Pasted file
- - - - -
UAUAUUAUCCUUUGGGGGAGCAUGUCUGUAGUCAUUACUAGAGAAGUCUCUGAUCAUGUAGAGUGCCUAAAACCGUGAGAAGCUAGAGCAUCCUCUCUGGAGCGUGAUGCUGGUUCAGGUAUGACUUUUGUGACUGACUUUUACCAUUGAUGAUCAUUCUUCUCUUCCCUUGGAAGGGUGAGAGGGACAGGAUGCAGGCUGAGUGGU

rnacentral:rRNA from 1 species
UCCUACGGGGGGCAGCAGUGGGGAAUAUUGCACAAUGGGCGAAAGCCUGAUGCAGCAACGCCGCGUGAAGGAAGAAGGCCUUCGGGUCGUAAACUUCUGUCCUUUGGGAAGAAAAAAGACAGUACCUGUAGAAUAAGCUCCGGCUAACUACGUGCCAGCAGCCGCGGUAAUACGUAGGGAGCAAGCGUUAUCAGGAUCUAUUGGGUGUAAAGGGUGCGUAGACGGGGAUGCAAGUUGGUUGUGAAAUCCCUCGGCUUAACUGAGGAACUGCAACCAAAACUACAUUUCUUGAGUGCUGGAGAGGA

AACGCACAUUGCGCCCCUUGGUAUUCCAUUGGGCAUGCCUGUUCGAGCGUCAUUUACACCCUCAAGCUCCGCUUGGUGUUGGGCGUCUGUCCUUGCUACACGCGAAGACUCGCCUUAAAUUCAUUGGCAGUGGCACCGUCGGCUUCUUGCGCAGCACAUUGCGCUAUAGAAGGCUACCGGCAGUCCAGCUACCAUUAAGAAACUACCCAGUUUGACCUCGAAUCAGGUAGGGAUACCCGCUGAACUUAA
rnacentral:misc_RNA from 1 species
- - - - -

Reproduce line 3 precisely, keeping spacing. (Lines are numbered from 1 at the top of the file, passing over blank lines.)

UCCUACGGGGGGCAGCAGUGGGGAAUAUUGCACAAUGGGCGAAAGCCUGAUGCAGCAACGCCGCGUGAAGGAAGAAGGCCUUCGGGUCGUAAACUUCUGUCCUUUGGGAAGAAAAAAGACAGUACCUGUAGAAUAAGCUCCGGCUAACUACGUGCCAGCAGCCGCGGUAAUACGUAGGGAGCAAGCGUUAUCAGGAUCUAUUGGGUGUAAAGGGUGCGUAGACGGGGAUGCAAGUUGGUUGUGAAAUCCCUCGGCUUAACUGAGGAACUGCAACCAAAACUACAUUUCUUGAGUGCUGGAGAGGA